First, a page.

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Hot dog bun

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Title: Hot dog bun  
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Subject: Angel Bakeries, Hot dog, Michigan hot dog, Ripper (hot dog), Cavatelli
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Hot dog bun

Hot dog bun
A hot dog bun. The side-loading variety is shown in this image
Type Bun
Place of origin United States
Main ingredients Flour, water
Cookbook:Hot dog bun 

A hot dog bun is a type of soft bun shaped specifically to contain a hot dog or frankfurter. The original purpose of this food was to make it possible to eat hot dogs without burning one’s hands.[1]

There are two basic types: top-loading (also known as Frankfurter rolls) New England Style Rolls[2] or Lobster Buns in some areas, and side-loading, common in the rest of the United States also called American Style Buns. The advantages to a top loader are that it holds the hot dog securely and fits nicely into little three-sided paper boxes. Top loaders are generally baked side by side and torn apart as needed, leaving a flat side surface for grilling.


Hot dog historian and professor emeritus at Roosevelt University Bruce Kraig believes the term "hot dog" was invented in the late 19th century by American observers of German immigrants, who ate sausages on buns. The Americans joked that the sausages looked suspiciously like the Germans' dachshunds.[3]

The Bavarian concessionaire, Anton Feuchtwange, loaned gloves for his customers to hold his sausages at the 1904 Louisiana Purchase Exposition. When many were not returned, he asked his brother, who was a baker, to invent a solution. Thus, the hot dog bun was born.[4]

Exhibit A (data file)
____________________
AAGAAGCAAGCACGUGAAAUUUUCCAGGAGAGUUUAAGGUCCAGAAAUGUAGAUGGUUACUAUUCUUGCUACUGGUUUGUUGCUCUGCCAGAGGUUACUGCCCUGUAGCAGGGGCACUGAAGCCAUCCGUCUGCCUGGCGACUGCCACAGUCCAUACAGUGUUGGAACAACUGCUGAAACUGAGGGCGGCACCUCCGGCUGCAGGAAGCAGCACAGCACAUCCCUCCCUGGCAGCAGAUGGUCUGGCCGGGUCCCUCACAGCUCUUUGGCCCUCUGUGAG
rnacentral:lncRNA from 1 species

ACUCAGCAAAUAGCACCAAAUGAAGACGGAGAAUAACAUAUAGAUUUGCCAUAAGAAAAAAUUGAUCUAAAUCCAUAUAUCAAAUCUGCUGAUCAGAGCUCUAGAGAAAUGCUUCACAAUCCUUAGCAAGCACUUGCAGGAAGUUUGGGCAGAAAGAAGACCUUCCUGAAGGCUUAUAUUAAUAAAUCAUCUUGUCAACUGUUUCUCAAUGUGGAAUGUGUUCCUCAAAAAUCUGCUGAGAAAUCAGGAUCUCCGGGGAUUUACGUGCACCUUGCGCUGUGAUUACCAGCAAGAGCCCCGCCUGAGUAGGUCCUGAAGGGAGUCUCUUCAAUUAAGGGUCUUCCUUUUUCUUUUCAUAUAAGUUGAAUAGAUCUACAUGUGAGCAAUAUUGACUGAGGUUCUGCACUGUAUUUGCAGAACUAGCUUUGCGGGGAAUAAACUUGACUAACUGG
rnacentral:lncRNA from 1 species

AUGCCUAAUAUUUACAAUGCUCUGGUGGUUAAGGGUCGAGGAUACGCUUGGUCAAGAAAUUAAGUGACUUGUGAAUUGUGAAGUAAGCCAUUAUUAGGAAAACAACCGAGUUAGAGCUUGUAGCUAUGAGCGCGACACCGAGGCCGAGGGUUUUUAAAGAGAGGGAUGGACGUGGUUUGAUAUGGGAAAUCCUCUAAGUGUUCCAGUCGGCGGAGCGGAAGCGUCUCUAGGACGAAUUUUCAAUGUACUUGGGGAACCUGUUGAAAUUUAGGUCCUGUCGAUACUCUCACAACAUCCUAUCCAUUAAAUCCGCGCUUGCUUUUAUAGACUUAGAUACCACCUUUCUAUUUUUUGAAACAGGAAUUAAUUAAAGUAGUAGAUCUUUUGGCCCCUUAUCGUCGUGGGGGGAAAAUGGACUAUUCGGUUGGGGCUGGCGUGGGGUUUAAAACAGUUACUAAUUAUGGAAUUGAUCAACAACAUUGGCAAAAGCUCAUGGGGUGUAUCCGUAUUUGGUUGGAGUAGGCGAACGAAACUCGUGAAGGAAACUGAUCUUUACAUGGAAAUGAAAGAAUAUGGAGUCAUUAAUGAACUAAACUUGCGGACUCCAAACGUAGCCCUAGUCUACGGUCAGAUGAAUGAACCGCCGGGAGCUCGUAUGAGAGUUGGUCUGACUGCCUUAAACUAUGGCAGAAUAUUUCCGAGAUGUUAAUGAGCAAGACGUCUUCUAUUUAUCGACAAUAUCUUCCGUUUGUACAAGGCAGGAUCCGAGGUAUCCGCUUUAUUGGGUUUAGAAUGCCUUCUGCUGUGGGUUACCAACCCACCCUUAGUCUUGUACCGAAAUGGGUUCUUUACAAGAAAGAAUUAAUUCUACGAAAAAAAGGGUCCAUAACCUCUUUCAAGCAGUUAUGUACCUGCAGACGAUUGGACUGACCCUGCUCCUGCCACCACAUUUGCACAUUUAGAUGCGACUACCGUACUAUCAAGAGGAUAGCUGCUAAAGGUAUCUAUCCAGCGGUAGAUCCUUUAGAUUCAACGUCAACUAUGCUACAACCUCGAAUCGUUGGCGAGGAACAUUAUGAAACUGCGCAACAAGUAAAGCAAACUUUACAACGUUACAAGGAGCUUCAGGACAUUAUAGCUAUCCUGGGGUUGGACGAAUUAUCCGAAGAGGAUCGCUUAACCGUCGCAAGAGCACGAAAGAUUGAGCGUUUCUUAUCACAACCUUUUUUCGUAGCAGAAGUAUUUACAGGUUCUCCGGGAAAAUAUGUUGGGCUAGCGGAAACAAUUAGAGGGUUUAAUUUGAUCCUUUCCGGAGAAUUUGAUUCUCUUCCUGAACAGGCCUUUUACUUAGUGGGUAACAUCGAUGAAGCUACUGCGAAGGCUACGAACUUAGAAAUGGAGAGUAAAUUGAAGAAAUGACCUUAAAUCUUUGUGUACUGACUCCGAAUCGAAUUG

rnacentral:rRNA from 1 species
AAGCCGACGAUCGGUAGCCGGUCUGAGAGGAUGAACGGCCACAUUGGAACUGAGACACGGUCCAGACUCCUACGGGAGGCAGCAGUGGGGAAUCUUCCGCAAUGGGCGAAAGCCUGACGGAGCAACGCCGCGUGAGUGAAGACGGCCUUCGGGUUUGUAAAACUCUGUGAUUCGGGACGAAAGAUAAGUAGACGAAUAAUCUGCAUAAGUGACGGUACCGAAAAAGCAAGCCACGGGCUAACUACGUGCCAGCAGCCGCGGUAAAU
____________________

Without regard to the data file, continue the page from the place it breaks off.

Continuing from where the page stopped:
Regional variations

In Chicago, Illinois, where poppy-seed buns are popularly served with Chicago-style hot dogs, the buns are made with high-gluten flour to hold up to steaming.[5] In Austria, a "hot dog" is a bagette which is hollowed out by cutting off the end and impaling it on a spike so a sausage can be inserted.

Austrian hot dog and sausage

See also


  1. ^ [1] "The Evolution of Hot Dogs", May 8, 2003 accessed January 29, 2011.
  2. ^ [2] "New England-style bun, from HoJo’s to homemade", July 2, 2013 accessed February 12, 2014.
  3. ^ National Hot Dog and Sausage Council. [3] "Straight From The "H" Files: The Hot Dog's True History"], accessed January 29, 2011
  4. ^ "History of the Hot Dog", accessed January 29, 2011.
  5. ^ Zeldes, Leah A. (2010-07-13). "It takes big buns to hold Chicago hot dogs". Dining Chicago. Chicago's Restaurant & Entertainment Guide, Inc. Retrieved 2010-07-31. 
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